Dave Bittner: [00:02:19:11] So we leave these dueling narratives to sort themselves out and turn to something less ambiguous, Russian influence operations during the US Presidential elections. Comey said, "There was a massive effort to target government and near-governmental agencies, like non-profits." The former FBI Director said he became aware of the campaigns in 2015, which would be around the time Cozy Bear began its quiet snuffling at US political networks, and long before Fancy Bear barged noisily into the Democratic National Committee's servers. There were, Comey said, "hundreds of entities" targeted, so the operations were not confined to the DNC.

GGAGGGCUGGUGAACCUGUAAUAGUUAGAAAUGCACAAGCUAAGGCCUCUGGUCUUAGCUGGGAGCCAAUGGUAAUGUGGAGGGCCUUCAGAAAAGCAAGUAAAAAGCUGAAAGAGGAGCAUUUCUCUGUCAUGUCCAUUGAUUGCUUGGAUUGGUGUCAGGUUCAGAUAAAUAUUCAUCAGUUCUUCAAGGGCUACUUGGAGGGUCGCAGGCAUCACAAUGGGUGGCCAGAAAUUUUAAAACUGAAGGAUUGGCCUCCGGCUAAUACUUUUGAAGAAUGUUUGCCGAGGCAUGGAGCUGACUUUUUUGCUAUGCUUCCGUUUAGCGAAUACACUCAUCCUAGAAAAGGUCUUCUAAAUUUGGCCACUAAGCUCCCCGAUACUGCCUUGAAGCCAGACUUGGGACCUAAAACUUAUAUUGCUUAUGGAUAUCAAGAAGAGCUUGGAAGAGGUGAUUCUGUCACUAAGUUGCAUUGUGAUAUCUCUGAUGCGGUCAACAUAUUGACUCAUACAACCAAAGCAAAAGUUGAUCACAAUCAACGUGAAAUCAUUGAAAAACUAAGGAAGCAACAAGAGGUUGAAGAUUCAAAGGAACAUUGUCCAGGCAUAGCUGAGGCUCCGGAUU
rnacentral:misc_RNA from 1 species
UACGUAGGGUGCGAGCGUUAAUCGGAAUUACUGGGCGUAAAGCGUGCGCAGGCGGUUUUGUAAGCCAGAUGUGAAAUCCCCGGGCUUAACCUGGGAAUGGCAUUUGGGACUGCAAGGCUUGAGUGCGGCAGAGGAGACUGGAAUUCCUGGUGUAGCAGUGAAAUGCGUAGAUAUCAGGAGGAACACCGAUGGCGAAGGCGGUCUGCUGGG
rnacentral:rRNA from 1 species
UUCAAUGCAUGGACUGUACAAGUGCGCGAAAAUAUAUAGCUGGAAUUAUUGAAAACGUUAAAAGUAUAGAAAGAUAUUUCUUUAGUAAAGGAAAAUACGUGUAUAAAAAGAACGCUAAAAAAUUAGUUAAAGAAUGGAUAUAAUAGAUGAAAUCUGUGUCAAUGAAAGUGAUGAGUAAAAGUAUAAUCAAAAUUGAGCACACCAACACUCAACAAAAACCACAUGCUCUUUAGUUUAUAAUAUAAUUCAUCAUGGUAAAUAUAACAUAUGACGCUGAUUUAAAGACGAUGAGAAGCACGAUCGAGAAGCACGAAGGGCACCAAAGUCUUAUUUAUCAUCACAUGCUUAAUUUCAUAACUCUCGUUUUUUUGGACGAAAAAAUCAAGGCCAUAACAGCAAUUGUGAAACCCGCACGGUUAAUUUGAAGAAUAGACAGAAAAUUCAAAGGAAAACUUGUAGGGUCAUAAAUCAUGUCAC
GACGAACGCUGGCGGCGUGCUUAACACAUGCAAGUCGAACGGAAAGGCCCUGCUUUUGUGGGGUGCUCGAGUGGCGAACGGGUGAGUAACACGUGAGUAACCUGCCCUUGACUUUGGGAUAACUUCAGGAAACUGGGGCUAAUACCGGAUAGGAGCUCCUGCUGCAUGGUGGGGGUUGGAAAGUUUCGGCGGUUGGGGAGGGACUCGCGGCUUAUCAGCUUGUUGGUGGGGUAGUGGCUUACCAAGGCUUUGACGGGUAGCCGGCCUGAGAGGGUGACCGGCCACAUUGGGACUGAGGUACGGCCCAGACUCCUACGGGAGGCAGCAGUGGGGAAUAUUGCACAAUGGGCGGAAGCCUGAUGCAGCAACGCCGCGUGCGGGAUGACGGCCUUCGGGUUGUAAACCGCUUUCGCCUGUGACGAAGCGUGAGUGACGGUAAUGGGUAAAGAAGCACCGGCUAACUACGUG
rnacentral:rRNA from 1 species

Dave Bittner: [00:02:57:18] Much commentary has talked up the novelty of the operation, representing election influence as something new under the sun. But of course it's not and Comey was quite clear on that point, describing such operations as representing long-standing Russian practice. "They'll be back," he noted.
Dave Bittner: [00:03:14:15] To summarize some recent Russian operations, post-November, they appear to have taken a swipe at President Macron's campaign in France and possibly at the snap elections Prime Minister May called in the UK. The UK case is interesting in that there seems to have been some organized sock-puppetry in Twitter mobilized in the interest of Labor leader, Corbyn. Influence efforts in France seem to have had little effect. Whatever took place in the UK was overshadowed by terrorism and ongoing controversy over Brexit. Prime Minister May's Tories lost seats but she will still seek to form a government.